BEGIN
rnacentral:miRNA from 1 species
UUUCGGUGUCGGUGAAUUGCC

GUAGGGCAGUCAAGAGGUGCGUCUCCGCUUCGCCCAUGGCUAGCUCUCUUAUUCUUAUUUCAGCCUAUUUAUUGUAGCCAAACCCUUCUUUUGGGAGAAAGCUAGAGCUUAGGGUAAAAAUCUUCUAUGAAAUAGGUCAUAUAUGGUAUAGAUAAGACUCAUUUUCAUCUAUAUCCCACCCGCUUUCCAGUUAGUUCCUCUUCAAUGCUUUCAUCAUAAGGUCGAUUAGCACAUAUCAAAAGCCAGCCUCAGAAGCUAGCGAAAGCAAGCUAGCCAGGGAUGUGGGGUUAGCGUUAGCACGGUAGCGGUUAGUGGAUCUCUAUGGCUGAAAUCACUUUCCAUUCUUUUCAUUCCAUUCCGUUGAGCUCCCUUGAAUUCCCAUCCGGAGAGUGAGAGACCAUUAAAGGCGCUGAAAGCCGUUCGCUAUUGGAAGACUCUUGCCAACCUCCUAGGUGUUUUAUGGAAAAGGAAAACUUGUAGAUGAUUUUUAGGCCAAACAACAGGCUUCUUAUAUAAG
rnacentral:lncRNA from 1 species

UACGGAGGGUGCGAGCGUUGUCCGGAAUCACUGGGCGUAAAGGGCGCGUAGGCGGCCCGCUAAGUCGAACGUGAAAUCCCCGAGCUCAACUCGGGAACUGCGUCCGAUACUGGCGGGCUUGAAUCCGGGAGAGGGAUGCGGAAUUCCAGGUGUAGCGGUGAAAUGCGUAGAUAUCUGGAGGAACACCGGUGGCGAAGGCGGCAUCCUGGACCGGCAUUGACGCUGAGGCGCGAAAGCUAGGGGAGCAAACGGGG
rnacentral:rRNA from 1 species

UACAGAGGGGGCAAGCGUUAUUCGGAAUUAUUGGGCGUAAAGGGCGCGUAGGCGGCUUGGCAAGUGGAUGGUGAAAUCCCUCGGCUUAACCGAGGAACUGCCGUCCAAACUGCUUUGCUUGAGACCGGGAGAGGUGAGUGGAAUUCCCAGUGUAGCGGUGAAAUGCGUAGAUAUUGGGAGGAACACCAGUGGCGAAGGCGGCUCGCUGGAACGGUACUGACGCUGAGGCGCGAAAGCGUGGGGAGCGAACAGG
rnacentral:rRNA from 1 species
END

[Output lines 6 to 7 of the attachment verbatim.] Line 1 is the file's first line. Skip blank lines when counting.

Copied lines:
rnacentral:rRNA from 1 species

UACAGAGGGGGCAAGCGUUAUUCGGAAUUAUUGGGCGUAAAGGGCGCGUAGGCGGCUUGGCAAGUGGAUGGUGAAAUCCCUCGGCUUAACCGAGGAACUGCCGUCCAAACUGCUUUGCUUGAGACCGGGAGAGGUGAGUGGAAUUCCCAGUGUAGCGGUGAAAUGCGUAGAUAUUGGGAGGAACACCAGUGGCGAAGGCGGCUCGCUGGAACGGUACUGACGCUGAGGCGCGAAAGCGUGGGGAGCGAACAGG